A witness for Johnson & Johnson (JNJ) testified that an infection led a Montana man to have his metal- on-metal hip device replaced, not a defect in the prosthesis.
Gonzalo Ballon-Landa, an infectious diseases doctor, testified today at a Los Angeles trial on a lawsuit by Loren Kransky. He claims J&J defectively designed his ASR hip device and failed to warn of risks. The lawsuit is the first of 10,000 to go to trial. Analysts say J&J may pay billions of dollars to resolve cases over the ASR, which the company recalled in 2010.
J&J, the world’s largest seller of health-care products, called Ballon-Landa to counter Kransky’s claim that the hip failed because of a defective design. Rather, Ballon-Landa said, Kransky had so-called revision surgery to replace his ASR because of an infection that spanned several years, he said.
“The infection caused him pain, and the pain is why Mr. Kransky had revision surgery,” Ballon-Landa told state court jurors. He said the kind of infection Kransky had was “the most common cause of artificial joint infections.”
Kransky, a 65-year-old former prison guard, had the hip implanted in December 2007 and removed in February 2012. Ballon- Landa said he developed a staph infection through the port used to administer chemotherapy drugs for his kidney cancer.
He pointed to a 2009 medical report in which Kransky complained of pain in his hip. Kransky’s doctor described a lump as swelling. Ballon-Landa said the infection was present from 2009 until Kransky had his hip replaced.
“It is impossible to completely cure an infected hip,” he said.
J&J’s DePuy unit recalled the hips when their failure rate hit 12 percent in the U.K. Since then, the failure rate hit 40 percent in Australia. J&J, based in New Brunswick, New Jersey, denies that it defectively designed the device or failed to warn of the risks.
On cross-examination by Kransky attorney Michael Kelly, Ballon-Landa said none of the five physicians who examined Kransky from December 2007 until his revision found an infection.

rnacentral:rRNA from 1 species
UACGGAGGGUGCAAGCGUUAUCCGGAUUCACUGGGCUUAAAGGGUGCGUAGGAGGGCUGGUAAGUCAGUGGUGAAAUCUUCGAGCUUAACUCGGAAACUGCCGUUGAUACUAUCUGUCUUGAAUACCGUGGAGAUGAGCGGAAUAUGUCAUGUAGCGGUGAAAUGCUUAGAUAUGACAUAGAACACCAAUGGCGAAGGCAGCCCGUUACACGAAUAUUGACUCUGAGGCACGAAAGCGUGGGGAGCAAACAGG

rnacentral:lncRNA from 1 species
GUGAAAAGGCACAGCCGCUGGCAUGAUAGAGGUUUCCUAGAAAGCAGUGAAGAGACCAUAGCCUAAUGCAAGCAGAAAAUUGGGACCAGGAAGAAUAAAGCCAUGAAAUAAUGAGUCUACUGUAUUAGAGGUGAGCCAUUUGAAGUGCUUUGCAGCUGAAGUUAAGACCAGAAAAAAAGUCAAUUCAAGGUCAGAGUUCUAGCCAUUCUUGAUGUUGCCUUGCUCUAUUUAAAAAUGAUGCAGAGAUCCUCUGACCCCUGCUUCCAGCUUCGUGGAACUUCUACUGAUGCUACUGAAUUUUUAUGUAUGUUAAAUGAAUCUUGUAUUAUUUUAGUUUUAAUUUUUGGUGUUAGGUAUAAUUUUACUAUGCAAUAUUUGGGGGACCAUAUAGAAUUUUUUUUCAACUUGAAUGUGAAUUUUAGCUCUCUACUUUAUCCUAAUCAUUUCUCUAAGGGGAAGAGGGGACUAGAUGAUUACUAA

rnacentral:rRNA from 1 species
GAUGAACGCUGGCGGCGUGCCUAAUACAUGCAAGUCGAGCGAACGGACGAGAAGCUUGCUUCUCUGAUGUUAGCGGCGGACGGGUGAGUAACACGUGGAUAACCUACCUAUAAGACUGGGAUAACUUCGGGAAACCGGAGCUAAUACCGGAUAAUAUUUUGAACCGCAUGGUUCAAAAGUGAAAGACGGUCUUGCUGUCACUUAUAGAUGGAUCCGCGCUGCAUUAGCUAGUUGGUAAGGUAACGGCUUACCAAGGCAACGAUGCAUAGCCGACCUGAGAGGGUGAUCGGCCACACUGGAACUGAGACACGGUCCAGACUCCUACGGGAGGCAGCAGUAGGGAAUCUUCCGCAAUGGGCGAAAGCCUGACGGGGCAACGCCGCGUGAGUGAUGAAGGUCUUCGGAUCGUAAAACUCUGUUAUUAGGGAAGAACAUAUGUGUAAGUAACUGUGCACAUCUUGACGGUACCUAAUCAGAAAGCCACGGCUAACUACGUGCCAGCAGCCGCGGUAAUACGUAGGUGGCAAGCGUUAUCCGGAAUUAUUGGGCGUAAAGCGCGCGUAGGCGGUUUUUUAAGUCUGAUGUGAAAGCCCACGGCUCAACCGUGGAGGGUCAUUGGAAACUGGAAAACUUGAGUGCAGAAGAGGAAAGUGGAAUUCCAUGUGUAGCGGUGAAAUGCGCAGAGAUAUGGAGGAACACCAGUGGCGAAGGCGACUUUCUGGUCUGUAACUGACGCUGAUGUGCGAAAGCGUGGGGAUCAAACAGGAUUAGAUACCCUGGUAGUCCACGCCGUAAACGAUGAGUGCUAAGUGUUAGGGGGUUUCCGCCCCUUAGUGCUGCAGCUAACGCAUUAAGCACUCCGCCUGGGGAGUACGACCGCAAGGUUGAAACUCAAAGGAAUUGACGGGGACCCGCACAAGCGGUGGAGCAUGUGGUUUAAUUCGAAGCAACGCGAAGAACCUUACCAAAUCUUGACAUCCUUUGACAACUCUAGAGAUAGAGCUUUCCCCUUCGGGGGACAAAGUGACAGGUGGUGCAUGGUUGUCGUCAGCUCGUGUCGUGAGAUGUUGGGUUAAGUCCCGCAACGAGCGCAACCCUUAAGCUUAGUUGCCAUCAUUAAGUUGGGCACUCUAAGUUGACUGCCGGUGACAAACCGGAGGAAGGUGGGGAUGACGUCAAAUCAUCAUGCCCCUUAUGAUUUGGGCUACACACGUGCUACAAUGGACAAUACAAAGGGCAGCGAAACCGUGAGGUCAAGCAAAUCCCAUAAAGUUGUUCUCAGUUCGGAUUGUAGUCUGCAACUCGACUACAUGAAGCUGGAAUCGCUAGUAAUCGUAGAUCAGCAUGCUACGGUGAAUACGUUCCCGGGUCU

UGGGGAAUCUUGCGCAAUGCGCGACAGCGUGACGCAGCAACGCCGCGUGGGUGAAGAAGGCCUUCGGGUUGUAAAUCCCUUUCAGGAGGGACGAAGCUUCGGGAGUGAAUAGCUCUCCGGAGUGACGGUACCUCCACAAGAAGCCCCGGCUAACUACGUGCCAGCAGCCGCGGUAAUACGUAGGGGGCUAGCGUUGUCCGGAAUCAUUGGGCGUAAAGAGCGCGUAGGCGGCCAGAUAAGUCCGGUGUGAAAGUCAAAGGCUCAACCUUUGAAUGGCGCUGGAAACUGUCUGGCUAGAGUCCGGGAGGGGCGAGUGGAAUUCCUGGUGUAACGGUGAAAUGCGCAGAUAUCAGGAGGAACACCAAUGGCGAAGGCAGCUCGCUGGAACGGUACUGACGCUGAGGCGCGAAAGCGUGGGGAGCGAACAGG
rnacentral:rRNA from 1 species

“There’s no indication that they thought he had an infection,” Ballon-Landa said.
Kelly also displayed a medical journal article about patients with metal-on-metal hip revisions that showed symptoms that “mimicked a deep-seated hip infection,” although they actually had none.
Kranksy’s lawyers have said the device, made of chromium and cobalt, shed metal ions into the tissue and bloodstream of patients.
J&J attorney Alexander Calfo said Kransky’s claim of elevated metal levels in his body can be traced to conditions including diabetes, high blood pressure and cholesterol, strokes and kidney cancer. Kransky, Calfo said, is a vasculopath, which means he has diseased blood vessels throughout his entire body.
Another J&J witness, John Cuckler, a retired orthopedic surgeon, also testified that Kransky’s hip was infected.
Cuckler, who performed about 5,000 total hip surgeries, including 2,400 revisions, said the ASR wasn’t defective. He also said Kransky’s buildup of metal debris around his hip was caused by an infection and the steep angle at which his surgeon implanted his device. Surgeons place the cup in the hip and a ball atop the femur. The ball rotates in the cup.
Based on his experience as a developer for a competing metal-on-metal hip made by Biomet Inc. and his review of the ASR design file, Cuckler said. “I think this is a safe design which is not defective in any way.”
He said the testing that DePuy performed on the ASR “was absolutely spot on” with industry standards in 2000 when the tests were performed. Testing has become more sophisticated over the past decade, “but it was appropriate for the standards at the time,” he said.
“We can never fully recreate the demands placed on the human body with a machine,” Cuckler said. “There is no simulator test that has ever fully approximated the performance of a device in a human being.”
Cuckler said DePuy paid him $500,000 to analyze the ASR.
“I was astounded at how much testing they did and was done,” he said. “I’ve never seen an implant as thoroughly tested.”
Jurors, who began hearing the case on Jan. 25, are expected to hear closing arguments on Feb. 28.
The case is Kransky v. DePuy, BC456086, California Superior Court, Los Angeles County (Los Angeles).
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